Re: How long can we expect to live?
Appleby’s comments on aging populations (1) may be agreeable to readers in the West, who lead financially secure lives, with assured access to food, leisure and pleasure. Billions in developing nations, whose days are taken up in the struggle just to survive, might not agree.
Many such nations have a huge disproportion of young people, yet to have children themselves. The African continent ceased to feed itself more than thirty years ago.
Appleby concludes that it is “very unlikely” that we will “find our aged selves scrabbling for resources as the world’s population explodes”.
Tell that to children and adults who scrabble to find arable topsoil, or walk many miles in search of firewood and water, that have to be carried home by undernourished, tired, usually female, legs.
“Resources”, whether they appear , magically, as food on supermarket shelves, or as energy, when electricity and petrol flow at the flick of a switch, depend on remorseless planetary plunder, rather than on the sustainable use of the planet’s animal and vegetable ecosystems, and it’s finite minerals.
Appleby’s brand of uninformed optimism may be comforting to some, but it does a sad disservice to your readers if it encourages them to limit their perspective to that of an ant, hardworking, but seeing no further than the next blade of grass. With our education, and access to information, we should aim a little higher, to enjoy the view of a sparrow, even an eagle.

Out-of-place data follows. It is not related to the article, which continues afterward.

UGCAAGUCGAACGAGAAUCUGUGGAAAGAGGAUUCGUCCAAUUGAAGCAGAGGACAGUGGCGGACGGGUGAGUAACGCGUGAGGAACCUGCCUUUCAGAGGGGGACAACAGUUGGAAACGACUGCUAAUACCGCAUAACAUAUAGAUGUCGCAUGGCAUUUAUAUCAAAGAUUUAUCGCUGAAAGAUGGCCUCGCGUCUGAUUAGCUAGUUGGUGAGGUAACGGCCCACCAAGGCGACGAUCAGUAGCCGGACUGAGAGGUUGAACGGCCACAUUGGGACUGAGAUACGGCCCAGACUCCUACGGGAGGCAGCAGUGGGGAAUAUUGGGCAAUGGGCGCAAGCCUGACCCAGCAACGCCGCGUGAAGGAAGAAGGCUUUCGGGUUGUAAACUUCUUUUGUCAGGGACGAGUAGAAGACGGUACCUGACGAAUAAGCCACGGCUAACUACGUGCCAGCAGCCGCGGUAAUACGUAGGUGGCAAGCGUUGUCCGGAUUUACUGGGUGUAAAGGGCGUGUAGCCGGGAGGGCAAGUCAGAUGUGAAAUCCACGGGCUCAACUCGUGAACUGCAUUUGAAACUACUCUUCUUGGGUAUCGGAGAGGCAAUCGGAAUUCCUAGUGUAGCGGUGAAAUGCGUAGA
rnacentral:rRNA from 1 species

Not forgetting, as E O Wilson pointed out, that humans would not survive if all the ants died, although ants do not need us.
There are a plethora of organisations, who have warned us for decades that human activity is destroying ecosystems, depleting finite resources, and polluting the sea and the air.
Readers who yawn at the mention of such titles as the UN Environment Programme and the International Union for the Conservation of Nature, might be rewarded by studying the work of two respected colleagues, Eric Chivian and Aaron Bernstein, editors of “ Sustaining Life: How Human Health Depends upon Biodiversity “. (2)
Chivian and Bernstein, demonstrate, in the course of a book that is beautifully produced and amazingly cheap, the full extent of the devastating effects we are having on the planet’s life systems, at our childrens’ peril.
The Lancet’s review of “ Sustaining Life” concluded, “ damaged ecosystems are the greatest danger to global health “. (3)
1 BMJ 2013;346:f331
2 Oxford University Press 2008
3 Lancet Vol 272 July 12, 2008
Competing interests: No competing interests